Why therapy is for everyone 

Why therapy is for everyone 

If you’re curious about therapy, here are four reasons seeing a mental health counselor may help improve everyone’s well-being and happiness. 

Senior talking to a therapist

Therapy with a licensed health care professional can be a powerful tool for depression, anxiety and grief. But did you know there are many other unexpected ways it may boost your well-being, too? Here’s how therapy may help you live a happier, healthier and more balanced life. 

1. Ease physical pain 

Injury, illness, aging and stress can all cause aches and pains. And that can sometimes bring us down. But it doesn’t have to. A therapist can give you tips to feel less overwhelmed and handle pain better and some of its underlying causes. One type of therapy is called cognitive-behavioral therapy (CBT). CBT uses strategies to help change how you think about pain so you feel it less.* 

In one study, researchers reviewed the results of 24 studies on using CBT to ease the negative feelings that came with physical pain. They found that CBT is good at easing the symptoms of depression and anxiety that can make us feel down.*

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2. Improve relationships

Therapy can help you find ways to spot and feel more in control of emotions like anger and anxiety. When this happens, you can talk about them more skillfully with family and friends. The outcome: you may be able to connect more fully with the people in your life and feel less alone. 

Therapy may also help you spot unhealthy relationships or behavioral patterns and then change them. It can be a place where you discover your needs and wants. And it can show you how to communicate them. It may also be a way to learn how to be a more supportive friend or partner.*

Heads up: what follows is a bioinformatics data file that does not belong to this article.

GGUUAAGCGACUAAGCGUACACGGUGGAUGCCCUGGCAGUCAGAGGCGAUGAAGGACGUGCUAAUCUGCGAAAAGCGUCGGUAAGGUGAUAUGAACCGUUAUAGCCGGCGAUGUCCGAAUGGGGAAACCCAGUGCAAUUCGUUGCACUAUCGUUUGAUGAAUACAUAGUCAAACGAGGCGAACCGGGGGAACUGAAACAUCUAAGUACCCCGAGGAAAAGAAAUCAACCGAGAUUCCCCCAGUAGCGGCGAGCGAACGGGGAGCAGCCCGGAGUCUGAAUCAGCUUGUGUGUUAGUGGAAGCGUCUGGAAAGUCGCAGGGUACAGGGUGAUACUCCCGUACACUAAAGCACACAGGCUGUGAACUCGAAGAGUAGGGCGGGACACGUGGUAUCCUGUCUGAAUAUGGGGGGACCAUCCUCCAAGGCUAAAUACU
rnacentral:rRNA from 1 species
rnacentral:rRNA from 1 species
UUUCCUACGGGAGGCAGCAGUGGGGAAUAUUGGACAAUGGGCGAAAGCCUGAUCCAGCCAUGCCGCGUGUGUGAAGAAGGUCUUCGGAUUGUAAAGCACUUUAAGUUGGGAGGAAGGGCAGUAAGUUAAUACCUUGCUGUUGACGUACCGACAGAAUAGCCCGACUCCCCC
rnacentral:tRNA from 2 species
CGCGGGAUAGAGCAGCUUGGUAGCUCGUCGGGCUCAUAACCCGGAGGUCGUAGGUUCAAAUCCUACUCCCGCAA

Check your coverage 

Log in to your secure member website at AetnaMedicare.com/Login to check your plan benefits and costs. 

3. Manage health issues 

Did you know depression and anxiety are common in people with chronic conditions like diabetes, heart disease and chronic obstructive pulmonary disease (COPD)? Poor mental health can also affect how you manage your condition. And it can lead to the disease getting worse.* Talking to a therapist can teach you skills for taking control of your health, such as how to: 

  • Stay on track with treatment
  • Stay away from unhealthy habits like smoking or alcohol
  • Ask for help when you need it 

4. Reach your goals  

Maybe you have a goal to eat healthier, exercise four days a week or spend more time with friends. If you need help reaching a goal, a therapist can give you tips for breaking old habits that are holding you back. 

They can also help you create a plan for going after your goals and share tips for staying motivated. Your therapist can work with you on a goal-setting plan. The secret to success in achieving change is often to take small steps toward your bigger goal. During the process, a therapist can help you break down how to get what you want, and understand what’s really important to you, and why.*